Assessment & Evaluation: Effective Feedback


This guide outlines strategies for leveraging how to give and structure feedback to foster student growth. It introduces practices that instructors and peers can implement that encourages feedback beyond grades.



Inclusive Strategies

  • Involve students in rubric construction: Promotes a sense of ownership among students. Consider facilitating a discussion on the purpose of each criterion and how it relates to the learning objectives.
  • Use a consistent rubric: Consistency is key in ensuring fair and objective assessments. For peer review assignments, ask reviewers to engage with the same rubric.
  • Provide clear instructions and expectations: Consider providing a past or mock example containing your or peer review feedback. This may help demystify your expectations of the “do’s and don’ts”.

Technology to Support Peer Review

  • Google Documents for collaboration: This approach supports peer review, while also giving the option for privacy and security. You can introduce guidelines on how to anonymize documents for peer review to prevent bias too.
  • Structure Peer Review via Google Sheets: Include this information and structure.
    • Timeline of when reviews should be started and completed.
    • Who is reviewing who?
    • A blank space for the students’ Google Document links. 
      • Ask students to update their Google Document share settings and place its link inside the Google Sheet column labeled “Document link”.

Additional Recommendations

  • Feedback loops: Encourage a feedback loop where students can reflect on the peer feedback.
  • Peer review training: Offer a short in-class session on how to give effective feedback. This could include understanding bias, maintaining a constructive tone, and focusing on the rubric.
  • Evaluation of peer review process: After the peer review process, collect survey and/or spoken feedback from students on how it went and what could be improved.
  • Enhance feedback strategies (Wiggins, 2012):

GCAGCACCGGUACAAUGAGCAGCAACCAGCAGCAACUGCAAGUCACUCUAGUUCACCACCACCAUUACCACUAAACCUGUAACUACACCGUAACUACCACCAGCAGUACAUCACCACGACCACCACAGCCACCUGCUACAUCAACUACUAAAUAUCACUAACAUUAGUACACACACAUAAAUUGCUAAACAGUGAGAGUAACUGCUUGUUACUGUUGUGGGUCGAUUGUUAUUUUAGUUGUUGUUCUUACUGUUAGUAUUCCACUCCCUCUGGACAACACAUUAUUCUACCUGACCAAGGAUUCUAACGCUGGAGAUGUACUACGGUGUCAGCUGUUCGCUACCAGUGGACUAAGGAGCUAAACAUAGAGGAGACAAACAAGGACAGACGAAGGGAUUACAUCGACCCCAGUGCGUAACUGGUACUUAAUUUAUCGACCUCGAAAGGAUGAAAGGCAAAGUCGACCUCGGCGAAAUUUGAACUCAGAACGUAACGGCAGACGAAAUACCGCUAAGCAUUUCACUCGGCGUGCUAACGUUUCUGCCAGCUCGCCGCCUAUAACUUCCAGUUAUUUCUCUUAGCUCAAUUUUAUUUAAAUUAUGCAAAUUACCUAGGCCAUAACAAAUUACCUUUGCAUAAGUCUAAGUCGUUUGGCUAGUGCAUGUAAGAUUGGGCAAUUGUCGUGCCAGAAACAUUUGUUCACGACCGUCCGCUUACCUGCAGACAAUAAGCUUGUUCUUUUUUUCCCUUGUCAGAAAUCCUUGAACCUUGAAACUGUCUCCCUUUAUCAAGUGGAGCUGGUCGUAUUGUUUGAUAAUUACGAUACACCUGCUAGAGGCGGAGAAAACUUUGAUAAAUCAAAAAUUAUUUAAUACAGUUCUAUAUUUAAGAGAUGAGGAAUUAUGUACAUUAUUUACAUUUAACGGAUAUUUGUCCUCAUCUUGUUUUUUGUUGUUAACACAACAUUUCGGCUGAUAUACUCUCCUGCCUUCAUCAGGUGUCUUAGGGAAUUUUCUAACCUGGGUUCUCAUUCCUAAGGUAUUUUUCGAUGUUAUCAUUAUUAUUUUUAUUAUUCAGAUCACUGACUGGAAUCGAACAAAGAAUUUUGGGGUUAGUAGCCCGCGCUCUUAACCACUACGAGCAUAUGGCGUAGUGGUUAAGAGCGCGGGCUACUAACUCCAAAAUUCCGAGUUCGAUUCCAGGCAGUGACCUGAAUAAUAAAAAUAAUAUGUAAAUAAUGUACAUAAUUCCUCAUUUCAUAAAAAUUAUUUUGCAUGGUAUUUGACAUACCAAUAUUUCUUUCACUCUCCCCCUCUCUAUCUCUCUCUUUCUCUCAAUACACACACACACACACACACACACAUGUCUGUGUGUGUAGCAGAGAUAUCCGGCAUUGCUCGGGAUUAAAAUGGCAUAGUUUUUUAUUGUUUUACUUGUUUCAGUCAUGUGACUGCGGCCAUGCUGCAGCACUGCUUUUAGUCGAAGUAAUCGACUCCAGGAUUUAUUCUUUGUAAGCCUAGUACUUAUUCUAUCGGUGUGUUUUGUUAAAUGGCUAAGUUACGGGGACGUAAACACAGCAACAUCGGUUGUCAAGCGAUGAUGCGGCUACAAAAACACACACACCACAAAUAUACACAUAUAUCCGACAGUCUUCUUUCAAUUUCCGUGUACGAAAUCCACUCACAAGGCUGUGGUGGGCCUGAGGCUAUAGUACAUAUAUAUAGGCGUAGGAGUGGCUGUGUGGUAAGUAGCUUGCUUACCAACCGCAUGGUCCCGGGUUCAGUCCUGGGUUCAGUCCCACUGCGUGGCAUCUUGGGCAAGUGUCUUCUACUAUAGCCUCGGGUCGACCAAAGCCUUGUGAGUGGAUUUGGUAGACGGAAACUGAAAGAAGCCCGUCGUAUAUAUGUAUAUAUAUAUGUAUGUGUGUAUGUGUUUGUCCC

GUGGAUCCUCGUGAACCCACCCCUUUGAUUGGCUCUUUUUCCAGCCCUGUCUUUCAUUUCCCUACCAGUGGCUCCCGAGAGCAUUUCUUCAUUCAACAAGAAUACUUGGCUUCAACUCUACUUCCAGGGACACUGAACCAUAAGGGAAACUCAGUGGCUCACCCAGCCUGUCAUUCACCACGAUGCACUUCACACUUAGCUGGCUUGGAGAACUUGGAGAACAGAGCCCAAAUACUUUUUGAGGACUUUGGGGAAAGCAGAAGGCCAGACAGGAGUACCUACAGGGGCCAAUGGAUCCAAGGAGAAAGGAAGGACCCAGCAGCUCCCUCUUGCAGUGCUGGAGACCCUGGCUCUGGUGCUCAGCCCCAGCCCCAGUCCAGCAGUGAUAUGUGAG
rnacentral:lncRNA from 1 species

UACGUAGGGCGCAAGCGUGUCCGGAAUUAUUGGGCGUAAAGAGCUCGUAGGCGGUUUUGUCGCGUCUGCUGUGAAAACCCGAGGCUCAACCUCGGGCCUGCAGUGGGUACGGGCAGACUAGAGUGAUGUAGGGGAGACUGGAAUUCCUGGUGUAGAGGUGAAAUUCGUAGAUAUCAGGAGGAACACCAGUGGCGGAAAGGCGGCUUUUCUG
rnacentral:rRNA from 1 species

• Goal-referenced: Information that helps the receiver know if they are on track towards their stated goals and criteria.
      • Provide past or mock examples and reasoning that align with what isn’t and what is working in relation to the goal or criteria.
    • Tangible and transparent: Clear and simple feedback.
      • Use direct language and avoid jargon. For instance, instead of saying, “unclear”, consider, “use more specific examples with dates to support your xyz argument to help your reader grasp when this situation happened”.
    • Actionable: Specific details about your observations.
      • Identify and suggest concrete actions, like “increase the number of references in the literature review to strengthen your argument”.
    • User-friendly: Simple, non-technical language to avoid overwhelming the receiver.
      • Break down complex feedback into smaller pieces. For example, point out specific sections instead of critiquing the overall coherence of a paper.
    • Timely: Offer feedback shortly after an action to keep the learning fresh.
      • Consider drafts with feedback provided within around a week.
      • Harness peer review to purposefully speedup time devoted for review.
    • Ongoing: Check in with receivers multiple times to promote application of feedback.
      • Schedule check-ins. 
      • Encourage draft or scaffolding assignment submissions for formative feedback aligned toward final assessment.
    • Consistent: Ensure clarity in expectations across all assignments:
      • Proactively share a detailed rubric for each assignment type.
      •  Consider a short session or office hours to explain the rubric and answer questions to students.



Grant, W. (2012).Seven keys to effective feedback.  Retrieved from

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